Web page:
Inflation and assets are on top of RBI agenda in its annual report

RBI wants banks to switch to marginal cost of deposit for calculating their base rate and lower lending rates

GN Bureau | August 28, 2015


#rbi   #lending rates   #raghuram rajan   #capital   #inflation   #interest rate  

Reserve Bank of India will focus on lower of inflation, faster resolution of distressed assets and ensuring banks have enough capital.

Governor Raghuram Rajan said in the central bank’s 2014-15 annual report that these  three areas as “work in progress” and described them as challenges in the current macroeconomic environment.

“First, economic growth is still below levels that the country is capable of. Second, inflation projections of January 2016 (as of early August 2015) are still at the upper limits of RBI’s inflation objective. Third, the willingness of banks to cut base rates—whereby they forego income on existing borrowers in order to attract more new business—is muted,” Rajan said in his overview at the beginning of the annual report.

In the report, the central bank said the growth outlook for the Indian economy is improving gradually as business confidence remains robust, even as it reiterated its gross domestic product (GDP) growth forecast of 7.6% in 2015-16, up from 7.2% reported in 2014-15.

Though inflation has so far closely tracked projections, developments on this front “will warrant close and continuous monitoring”, RBI said.

India’s consumer price index (CPI) eased to 3.78% in July, much below RBI’s January 2016 target of 6%. By January 2017, the central bank wants to bring inflation below 5% “as part of its overall disinflationary strategy”. RBI’s target is to bring CPI down to 4% by January 2018.

Meanwhile, the RBI has expressed unhappiness with the banks for lowering their lending rates. “The efficacy of the monetary policy transmission mechanism needs to improve since the pass-through of recent cuts in policy rate to the bank lending rate has been partial, reflecting the constraints in transmission under the existing base rate system,” RBI said in its report.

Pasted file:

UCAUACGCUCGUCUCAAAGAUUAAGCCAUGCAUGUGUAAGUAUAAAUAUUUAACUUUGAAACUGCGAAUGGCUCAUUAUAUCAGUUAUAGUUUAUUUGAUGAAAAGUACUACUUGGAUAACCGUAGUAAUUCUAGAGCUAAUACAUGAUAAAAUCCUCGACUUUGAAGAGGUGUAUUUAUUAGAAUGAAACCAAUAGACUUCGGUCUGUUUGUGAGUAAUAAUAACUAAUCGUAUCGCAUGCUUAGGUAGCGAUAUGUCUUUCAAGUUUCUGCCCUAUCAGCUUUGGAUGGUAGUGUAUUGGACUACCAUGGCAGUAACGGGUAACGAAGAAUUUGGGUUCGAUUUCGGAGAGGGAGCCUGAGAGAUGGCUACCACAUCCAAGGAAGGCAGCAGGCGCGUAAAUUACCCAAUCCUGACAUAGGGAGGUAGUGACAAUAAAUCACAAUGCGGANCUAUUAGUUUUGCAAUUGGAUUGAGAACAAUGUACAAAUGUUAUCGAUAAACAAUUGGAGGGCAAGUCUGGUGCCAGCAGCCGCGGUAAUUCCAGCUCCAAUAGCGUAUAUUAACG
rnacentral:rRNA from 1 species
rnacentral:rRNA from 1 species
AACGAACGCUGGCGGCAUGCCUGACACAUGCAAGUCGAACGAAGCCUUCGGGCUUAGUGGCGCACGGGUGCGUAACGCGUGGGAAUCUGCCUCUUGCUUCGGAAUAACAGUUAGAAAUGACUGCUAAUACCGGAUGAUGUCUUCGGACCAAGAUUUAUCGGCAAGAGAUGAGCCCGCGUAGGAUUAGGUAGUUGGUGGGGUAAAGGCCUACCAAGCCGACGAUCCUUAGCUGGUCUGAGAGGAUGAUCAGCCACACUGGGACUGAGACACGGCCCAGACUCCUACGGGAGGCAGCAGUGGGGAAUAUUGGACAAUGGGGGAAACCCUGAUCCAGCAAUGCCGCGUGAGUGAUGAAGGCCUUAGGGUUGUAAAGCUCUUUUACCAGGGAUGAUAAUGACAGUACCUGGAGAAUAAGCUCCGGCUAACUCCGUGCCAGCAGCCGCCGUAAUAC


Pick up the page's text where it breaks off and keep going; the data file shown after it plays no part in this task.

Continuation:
RBI has lowered its policy rate by 75 basis points since January, but banks on average have lowered their lending rates by only about 30 basis points. One basis point is a hundredth of a percentage point.

RBI now wants banks to switch to marginal cost of deposit for calculating their base rate so that policy transmission takes place more effectively.

The central bank also suggested that the Union government “front-load” its disinvestment plans to take advantage of supportive market conditions while cutting back on capital expenditure to meet its fiscal deficit target of 3.9% of GDP by the end of the current fiscal year.

The government’s project monitoring group has cleared 291 projects worth Rs.9.9 trillion till mid-August, across power, coal, road and petroleum sectors.

The RBI has also criticised the promoters of large companies, saying they take undue advantage of banks’ fear of recognising a loan as a non-performing asset (NPA).

“Some large promoters take advantage of bankers’ fears about assets turning non-performing to extract unwarranted concessions, without any sacrifice in the value of their stake,” said RBI.